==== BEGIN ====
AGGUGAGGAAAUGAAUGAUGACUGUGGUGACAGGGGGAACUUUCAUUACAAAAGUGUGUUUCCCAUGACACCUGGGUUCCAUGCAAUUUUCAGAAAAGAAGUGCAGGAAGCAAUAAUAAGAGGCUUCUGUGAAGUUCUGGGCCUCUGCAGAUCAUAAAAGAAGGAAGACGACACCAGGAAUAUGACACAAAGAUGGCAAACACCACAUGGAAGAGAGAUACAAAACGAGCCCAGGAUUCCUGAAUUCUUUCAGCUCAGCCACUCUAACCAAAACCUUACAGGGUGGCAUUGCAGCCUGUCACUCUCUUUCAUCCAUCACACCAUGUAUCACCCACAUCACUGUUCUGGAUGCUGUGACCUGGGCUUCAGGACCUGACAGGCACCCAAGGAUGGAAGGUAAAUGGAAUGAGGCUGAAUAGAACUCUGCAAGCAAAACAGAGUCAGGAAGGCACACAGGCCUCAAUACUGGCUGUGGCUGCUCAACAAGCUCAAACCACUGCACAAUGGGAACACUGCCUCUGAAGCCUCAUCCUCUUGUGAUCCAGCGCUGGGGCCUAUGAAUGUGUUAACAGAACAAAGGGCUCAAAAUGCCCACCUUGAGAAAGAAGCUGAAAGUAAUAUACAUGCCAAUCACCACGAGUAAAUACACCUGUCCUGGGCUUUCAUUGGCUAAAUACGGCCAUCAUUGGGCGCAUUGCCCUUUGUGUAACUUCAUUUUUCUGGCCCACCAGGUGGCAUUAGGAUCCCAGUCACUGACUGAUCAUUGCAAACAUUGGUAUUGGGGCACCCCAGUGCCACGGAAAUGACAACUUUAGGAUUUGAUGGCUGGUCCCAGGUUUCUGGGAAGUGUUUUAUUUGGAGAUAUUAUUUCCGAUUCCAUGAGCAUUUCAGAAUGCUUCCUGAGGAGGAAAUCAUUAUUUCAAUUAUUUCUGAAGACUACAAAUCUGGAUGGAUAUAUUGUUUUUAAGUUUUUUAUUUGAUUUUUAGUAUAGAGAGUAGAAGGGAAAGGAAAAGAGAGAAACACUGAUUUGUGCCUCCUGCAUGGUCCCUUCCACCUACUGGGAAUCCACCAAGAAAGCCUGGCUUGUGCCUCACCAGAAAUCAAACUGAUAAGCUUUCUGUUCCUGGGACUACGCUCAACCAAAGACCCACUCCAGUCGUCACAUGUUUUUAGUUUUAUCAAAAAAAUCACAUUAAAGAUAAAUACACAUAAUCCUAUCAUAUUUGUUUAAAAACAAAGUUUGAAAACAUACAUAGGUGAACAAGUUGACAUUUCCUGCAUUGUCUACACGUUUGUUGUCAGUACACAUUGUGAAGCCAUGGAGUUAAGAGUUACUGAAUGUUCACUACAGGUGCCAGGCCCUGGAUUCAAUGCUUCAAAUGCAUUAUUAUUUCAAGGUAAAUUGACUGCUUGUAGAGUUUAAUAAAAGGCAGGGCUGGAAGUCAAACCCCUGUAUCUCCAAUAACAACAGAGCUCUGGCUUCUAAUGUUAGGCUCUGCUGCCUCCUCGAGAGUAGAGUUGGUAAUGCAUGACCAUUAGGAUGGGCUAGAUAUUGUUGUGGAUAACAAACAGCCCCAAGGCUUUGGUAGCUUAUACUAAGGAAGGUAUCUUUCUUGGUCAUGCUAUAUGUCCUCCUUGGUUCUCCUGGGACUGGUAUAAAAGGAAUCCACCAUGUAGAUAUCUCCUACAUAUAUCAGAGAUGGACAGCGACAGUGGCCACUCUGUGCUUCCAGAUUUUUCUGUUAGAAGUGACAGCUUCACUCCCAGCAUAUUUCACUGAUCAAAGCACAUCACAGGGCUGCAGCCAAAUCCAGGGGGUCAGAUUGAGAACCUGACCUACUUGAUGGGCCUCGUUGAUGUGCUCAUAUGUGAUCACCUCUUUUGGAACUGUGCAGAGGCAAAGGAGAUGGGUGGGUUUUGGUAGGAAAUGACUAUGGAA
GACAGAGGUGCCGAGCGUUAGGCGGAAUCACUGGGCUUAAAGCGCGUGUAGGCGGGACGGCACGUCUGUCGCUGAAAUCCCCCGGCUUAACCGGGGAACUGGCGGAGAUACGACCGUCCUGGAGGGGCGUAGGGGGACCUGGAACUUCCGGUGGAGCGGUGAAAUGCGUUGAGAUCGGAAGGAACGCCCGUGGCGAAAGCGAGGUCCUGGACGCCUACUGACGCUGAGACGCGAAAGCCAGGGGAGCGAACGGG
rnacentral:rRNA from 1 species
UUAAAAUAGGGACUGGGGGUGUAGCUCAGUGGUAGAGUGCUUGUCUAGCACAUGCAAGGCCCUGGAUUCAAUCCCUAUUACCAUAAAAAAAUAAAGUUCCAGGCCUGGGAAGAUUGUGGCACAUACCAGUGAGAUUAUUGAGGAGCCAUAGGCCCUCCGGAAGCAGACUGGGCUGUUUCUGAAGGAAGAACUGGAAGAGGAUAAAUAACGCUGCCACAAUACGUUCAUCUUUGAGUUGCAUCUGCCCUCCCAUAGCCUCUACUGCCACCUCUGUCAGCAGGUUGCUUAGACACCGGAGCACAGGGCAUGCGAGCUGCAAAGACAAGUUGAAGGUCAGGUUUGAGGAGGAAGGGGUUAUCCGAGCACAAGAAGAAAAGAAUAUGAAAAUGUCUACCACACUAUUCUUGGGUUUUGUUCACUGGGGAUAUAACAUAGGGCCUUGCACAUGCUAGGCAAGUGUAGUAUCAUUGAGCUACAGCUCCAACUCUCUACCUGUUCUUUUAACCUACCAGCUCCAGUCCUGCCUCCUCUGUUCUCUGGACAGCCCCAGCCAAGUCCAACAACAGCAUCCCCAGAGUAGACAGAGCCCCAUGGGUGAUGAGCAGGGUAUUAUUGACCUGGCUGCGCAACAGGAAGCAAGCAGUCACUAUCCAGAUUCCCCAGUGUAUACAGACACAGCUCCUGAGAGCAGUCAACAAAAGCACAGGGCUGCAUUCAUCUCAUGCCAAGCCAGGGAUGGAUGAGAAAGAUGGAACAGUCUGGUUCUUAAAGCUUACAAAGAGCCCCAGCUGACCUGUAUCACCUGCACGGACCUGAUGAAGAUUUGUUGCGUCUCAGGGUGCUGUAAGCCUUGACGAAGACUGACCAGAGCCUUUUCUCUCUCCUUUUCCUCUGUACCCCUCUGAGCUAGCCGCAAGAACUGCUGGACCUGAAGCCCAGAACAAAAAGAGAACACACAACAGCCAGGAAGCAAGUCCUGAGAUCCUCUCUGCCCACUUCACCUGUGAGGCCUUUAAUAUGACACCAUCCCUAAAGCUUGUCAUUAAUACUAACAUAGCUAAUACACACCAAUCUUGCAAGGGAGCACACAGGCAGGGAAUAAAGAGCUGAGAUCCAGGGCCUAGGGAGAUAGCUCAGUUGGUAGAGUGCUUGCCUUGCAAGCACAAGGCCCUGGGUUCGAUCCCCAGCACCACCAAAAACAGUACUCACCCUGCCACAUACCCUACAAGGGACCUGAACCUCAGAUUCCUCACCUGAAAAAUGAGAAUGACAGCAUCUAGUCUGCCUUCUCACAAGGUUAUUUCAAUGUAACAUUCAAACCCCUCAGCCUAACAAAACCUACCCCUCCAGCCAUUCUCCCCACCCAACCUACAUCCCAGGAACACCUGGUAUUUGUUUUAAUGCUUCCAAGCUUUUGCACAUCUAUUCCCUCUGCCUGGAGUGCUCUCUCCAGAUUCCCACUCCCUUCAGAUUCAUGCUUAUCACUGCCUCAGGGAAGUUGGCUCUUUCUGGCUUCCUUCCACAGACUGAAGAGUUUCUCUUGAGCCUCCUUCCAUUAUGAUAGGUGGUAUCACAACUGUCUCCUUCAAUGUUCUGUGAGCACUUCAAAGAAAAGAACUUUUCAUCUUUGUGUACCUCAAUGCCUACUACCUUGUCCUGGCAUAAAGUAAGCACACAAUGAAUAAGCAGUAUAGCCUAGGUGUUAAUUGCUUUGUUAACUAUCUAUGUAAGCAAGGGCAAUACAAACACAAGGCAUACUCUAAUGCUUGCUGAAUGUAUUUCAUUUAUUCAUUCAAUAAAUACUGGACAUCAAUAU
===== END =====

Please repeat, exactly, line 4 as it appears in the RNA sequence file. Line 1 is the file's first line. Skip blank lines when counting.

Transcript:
UUAAAAUAGGGACUGGGGGUGUAGCUCAGUGGUAGAGUGCUUGUCUAGCACAUGCAAGGCCCUGGAUUCAAUCCCUAUUACCAUAAAAAAAUAAAGUUCCAGGCCUGGGAAGAUUGUGGCACAUACCAGUGAGAUUAUUGAGGAGCCAUAGGCCCUCCGGAAGCAGACUGGGCUGUUUCUGAAGGAAGAACUGGAAGAGGAUAAAUAACGCUGCCACAAUACGUUCAUCUUUGAGUUGCAUCUGCCCUCCCAUAGCCUCUACUGCCACCUCUGUCAGCAGGUUGCUUAGACACCGGAGCACAGGGCAUGCGAGCUGCAAAGACAAGUUGAAGGUCAGGUUUGAGGAGGAAGGGGUUAUCCGAGCACAAGAAGAAAAGAAUAUGAAAAUGUCUACCACACUAUUCUUGGGUUUUGUUCACUGGGGAUAUAACAUAGGGCCUUGCACAUGCUAGGCAAGUGUAGUAUCAUUGAGCUACAGCUCCAACUCUCUACCUGUUCUUUUAACCUACCAGCUCCAGUCCUGCCUCCUCUGUUCUCUGGACAGCCCCAGCCAAGUCCAACAACAGCAUCCCCAGAGUAGACAGAGCCCCAUGGGUGAUGAGCAGGGUAUUAUUGACCUGGCUGCGCAACAGGAAGCAAGCAGUCACUAUCCAGAUUCCCCAGUGUAUACAGACACAGCUCCUGAGAGCAGUCAACAAAAGCACAGGGCUGCAUUCAUCUCAUGCCAAGCCAGGGAUGGAUGAGAAAGAUGGAACAGUCUGGUUCUUAAAGCUUACAAAGAGCCCCAGCUGACCUGUAUCACCUGCACGGACCUGAUGAAGAUUUGUUGCGUCUCAGGGUGCUGUAAGCCUUGACGAAGACUGACCAGAGCCUUUUCUCUCUCCUUUUCCUCUGUACCCCUCUGAGCUAGCCGCAAGAACUGCUGGACCUGAAGCCCAGAACAAAAAGAGAACACACAACAGCCAGGAAGCAAGUCCUGAGAUCCUCUCUGCCCACUUCACCUGUGAGGCCUUUAAUAUGACACCAUCCCUAAAGCUUGUCAUUAAUACUAACAUAGCUAAUACACACCAAUCUUGCAAGGGAGCACACAGGCAGGGAAUAAAGAGCUGAGAUCCAGGGCCUAGGGAGAUAGCUCAGUUGGUAGAGUGCUUGCCUUGCAAGCACAAGGCCCUGGGUUCGAUCCCCAGCACCACCAAAAACAGUACUCACCCUGCCACAUACCCUACAAGGGACCUGAACCUCAGAUUCCUCACCUGAAAAAUGAGAAUGACAGCAUCUAGUCUGCCUUCUCACAAGGUUAUUUCAAUGUAACAUUCAAACCCCUCAGCCUAACAAAACCUACCCCUCCAGCCAUUCUCCCCACCCAACCUACAUCCCAGGAACACCUGGUAUUUGUUUUAAUGCUUCCAAGCUUUUGCACAUCUAUUCCCUCUGCCUGGAGUGCUCUCUCCAGAUUCCCACUCCCUUCAGAUUCAUGCUUAUCACUGCCUCAGGGAAGUUGGCUCUUUCUGGCUUCCUUCCACAGACUGAAGAGUUUCUCUUGAGCCUCCUUCCAUUAUGAUAGGUGGUAUCACAACUGUCUCCUUCAAUGUUCUGUGAGCACUUCAAAGAAAAGAACUUUUCAUCUUUGUGUACCUCAAUGCCUACUACCUUGUCCUGGCAUAAAGUAAGCACACAAUGAAUAAGCAGUAUAGCCUAGGUGUUAAUUGCUUUGUUAACUAUCUAUGUAAGCAAGGGCAAUACAAACACAAGGCAUACUCUAAUGCUUGCUGAAUGUAUUUCAUUUAUUCAUUCAAUAAAUACUGGACAUCAAUAU